Tagged: Arlington

historyA new map lets you explore historic places in Arlington County, Virginia. I used the Arlington Historical Society‘s web site to learn about historic sites. My Arlington Historic Sites map puts all 107 points on the map. To help people get around, I’ve also included options to show Metro stations and Capital Bikeshare stations.

Some of the historic locations didn’t have exact addresses, so the markers might not be exact. (Let me know if any location should be moved.) Hopefully this is a good way to discover historic sites near you.

If you’re a total transit nerd, this will be exciting. To prepare for a bus-themed event for the Transportation Techies meetup group, we’re making public APC data sets. That’s automated passenger counter; electronic devices that measure people boarding and alighting. We’re sharing it in hopes that local programmers will use it to create visualizations of how people use the bus.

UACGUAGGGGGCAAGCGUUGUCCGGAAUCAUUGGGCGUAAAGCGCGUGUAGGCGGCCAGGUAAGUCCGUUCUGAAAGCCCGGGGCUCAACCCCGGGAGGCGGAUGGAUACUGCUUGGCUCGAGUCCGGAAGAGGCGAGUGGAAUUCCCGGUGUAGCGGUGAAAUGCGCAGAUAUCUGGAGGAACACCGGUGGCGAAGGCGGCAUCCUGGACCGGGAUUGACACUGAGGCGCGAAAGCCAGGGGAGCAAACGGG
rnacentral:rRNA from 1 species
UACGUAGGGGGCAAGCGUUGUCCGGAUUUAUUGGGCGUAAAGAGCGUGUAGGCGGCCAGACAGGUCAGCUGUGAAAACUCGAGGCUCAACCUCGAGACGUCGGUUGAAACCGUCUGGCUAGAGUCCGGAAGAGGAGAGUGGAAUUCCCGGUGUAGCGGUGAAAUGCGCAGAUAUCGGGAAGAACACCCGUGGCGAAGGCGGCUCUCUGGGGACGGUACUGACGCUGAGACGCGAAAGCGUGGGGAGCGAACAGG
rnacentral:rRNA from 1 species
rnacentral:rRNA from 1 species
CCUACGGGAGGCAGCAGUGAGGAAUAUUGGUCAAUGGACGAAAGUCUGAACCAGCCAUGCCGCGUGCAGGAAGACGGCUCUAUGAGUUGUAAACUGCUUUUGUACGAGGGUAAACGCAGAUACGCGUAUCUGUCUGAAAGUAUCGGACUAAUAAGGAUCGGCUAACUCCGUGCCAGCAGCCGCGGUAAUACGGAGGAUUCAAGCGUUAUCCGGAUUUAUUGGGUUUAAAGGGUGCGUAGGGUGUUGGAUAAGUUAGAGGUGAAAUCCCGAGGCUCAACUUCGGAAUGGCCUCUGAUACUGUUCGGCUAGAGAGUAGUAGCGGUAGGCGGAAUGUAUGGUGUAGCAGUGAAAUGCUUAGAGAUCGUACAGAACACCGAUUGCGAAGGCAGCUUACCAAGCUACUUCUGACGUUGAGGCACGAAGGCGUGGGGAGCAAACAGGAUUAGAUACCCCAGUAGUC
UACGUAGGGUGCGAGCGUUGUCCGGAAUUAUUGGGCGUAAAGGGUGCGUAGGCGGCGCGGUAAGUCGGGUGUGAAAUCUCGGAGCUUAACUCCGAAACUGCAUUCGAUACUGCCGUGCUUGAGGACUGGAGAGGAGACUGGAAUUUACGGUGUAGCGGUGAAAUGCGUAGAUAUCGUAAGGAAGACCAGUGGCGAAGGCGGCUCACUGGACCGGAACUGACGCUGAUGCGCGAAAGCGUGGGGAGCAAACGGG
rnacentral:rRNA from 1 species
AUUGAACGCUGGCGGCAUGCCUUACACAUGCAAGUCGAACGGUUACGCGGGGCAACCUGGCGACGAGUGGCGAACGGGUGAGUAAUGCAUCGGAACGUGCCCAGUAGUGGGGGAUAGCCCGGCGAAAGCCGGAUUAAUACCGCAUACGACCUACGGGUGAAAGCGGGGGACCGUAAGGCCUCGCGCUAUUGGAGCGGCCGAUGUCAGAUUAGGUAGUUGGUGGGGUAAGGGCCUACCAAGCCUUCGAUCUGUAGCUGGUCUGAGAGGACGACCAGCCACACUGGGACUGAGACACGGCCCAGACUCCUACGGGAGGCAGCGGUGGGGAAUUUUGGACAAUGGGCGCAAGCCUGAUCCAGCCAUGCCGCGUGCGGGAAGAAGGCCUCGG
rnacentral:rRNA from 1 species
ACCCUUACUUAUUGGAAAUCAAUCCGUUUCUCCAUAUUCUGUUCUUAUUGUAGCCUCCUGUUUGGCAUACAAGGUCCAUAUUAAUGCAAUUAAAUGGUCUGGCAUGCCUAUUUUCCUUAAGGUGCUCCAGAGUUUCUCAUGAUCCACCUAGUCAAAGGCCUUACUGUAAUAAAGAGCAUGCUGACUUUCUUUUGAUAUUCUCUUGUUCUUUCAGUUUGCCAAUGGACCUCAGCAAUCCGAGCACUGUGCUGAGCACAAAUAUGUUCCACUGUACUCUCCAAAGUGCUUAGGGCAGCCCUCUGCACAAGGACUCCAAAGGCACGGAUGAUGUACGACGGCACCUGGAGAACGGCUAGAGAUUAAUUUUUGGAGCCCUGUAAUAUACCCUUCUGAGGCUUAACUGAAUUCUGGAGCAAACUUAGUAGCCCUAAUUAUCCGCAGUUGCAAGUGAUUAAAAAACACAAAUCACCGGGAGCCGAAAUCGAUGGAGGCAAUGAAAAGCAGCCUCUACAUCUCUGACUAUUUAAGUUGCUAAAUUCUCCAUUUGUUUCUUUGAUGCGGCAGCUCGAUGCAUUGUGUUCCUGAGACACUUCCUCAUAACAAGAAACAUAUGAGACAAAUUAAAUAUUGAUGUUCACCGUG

2013-09 Raw Stop Data.xlsx is from Arlington Transit. It has 12 columns and 20,460 rows (1.2MB). The data is for weekdays in September 2013. I’ve created a CSV version, 2013-09 Raw Stop Data.csv. Here’s what 3 sample rows looks like: » Continue Reading…

Arlington Bike Counts, Activity MapperArlington has a collection of automated trail counters which can distinguish between pedestrians and bikes, and can also record the direction of travel. This data is transmitted live to a database, managed with Eco Counter software. I recently got access to the data and was able to experiment with how to visualize it. I decided to add it as a dataset to my new Activity Mapper, which lets you animate and interact with a chronological and geographical data set.